October 16, 2008

Plugged In Straight and Rocked It

Rory Gallagher has been one of my musical detours lately. Huge in Europe, Rory is known here primarily to blues/rock guitar freaks. He was part of the British (Isles) Invasion, first coming up with the Irish band Taste in the late '60's. He went solo early in the '70's, releasing Rory Gallagher and Deuce in 1971. During the '70's, he was a road warrior (again, primarily in Europe), but his health began to decline steadily toward the end of the '80's from touring rock disease (primarily alcohol in Rory's case, but also drugs prescribed to him to alleviate anxiety). He died in '95 from an infection he developed after the liver transplant that was to save his life.

Gallagher first came to my attention in the middle '70's when he was on the cover of the first issue of Guitar Player I ever bought (long before I ever played guitar myself). Not long after that, I found an album called Sinner . . . and Saint, which culled songs from his first two solo albums. He has always been the very image of a straight ahead, "no bullshit" type of rocker, a guy who could play to stadiums with none of the rock star attitude . . . the Irishman of Welsh descent with a deep reverence for the blues and humility in the face of the great wonder of music, a guy who would talk at great length to any one at all who shared his love for music. He was known for his trademark beat-to-hell '61 Strat which he plugged directly into mid-size combo amps (a Vox AC30 is in evidence in a couple of the clips below, and he was also fond of '50's vintage Bassmans). Though he would use effects on rare occasions (such as a treble booster . . . on a Strat???!!!), his image will always be that of the flannel-clad blues purist who plugged in straight and rocked it.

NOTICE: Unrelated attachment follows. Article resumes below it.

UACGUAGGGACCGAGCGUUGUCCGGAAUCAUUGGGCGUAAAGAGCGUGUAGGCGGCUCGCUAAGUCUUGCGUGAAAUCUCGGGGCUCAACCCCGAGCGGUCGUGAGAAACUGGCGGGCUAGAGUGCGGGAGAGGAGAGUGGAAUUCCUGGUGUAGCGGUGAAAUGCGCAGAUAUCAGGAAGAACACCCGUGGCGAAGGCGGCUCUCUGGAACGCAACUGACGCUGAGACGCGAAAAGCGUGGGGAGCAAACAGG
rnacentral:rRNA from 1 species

Later in the '70's, he would stick closer to the blues/rock genre a la Stevie Ray Vaughn, but on his first two albums he followed the lead of other blues rockers at the time by making pop music from an expanded blues-based vocabulary. And while I think he is a completely legit blues guitarist, it's the other stuff that really attracts me. To me, Rory is at his best when he recontextualizes his blues guitar, when he stretches for different dynamics and textures. Mind you, his forms are never radical (he seems almost too humble to do any real violence to the genre he loves), but it's here that he really separates himself from the Eric Clapton wannabes of the world.

And of course he is, above all, a guitar player. In spite of his serious chops, Rory has an economy of style that, while not exactly minimal, is always directly to the point, even when it is strutting a certain level of virtuosity. While he is never really outside of his blues guitar box, he reaches to the very corners to find fresh uses of a common language. This stuff isn't exactly Captain Beefheart smashing up the blues, but it is almost always riveting.

Well, what would a blog be without a couple Internet nuggets? Above is a picture of Rory's '61 Stratocaster. If you really get into this and sit through a bunch of YouTube clips, you can see the guitar deteriorate over the years. I get a kick out of the guys who comment on Rory's "professionalism", which they say is indicated by his frequent re-tuning of his guitar on live television "just to make sure it's perfect". One look at that guitar will tell you that the reason he re-tunes all the time is that guitar, which is beat to shit, allegedly spent a couple nights in a mud puddle (shades of my Silvertone, which years ago Gabe Saavedra found in a puddle not far from where I loaded in some gear and left the guitar on the roof of my truck), and doesn't even have matching tuners. What a beautiful guitar.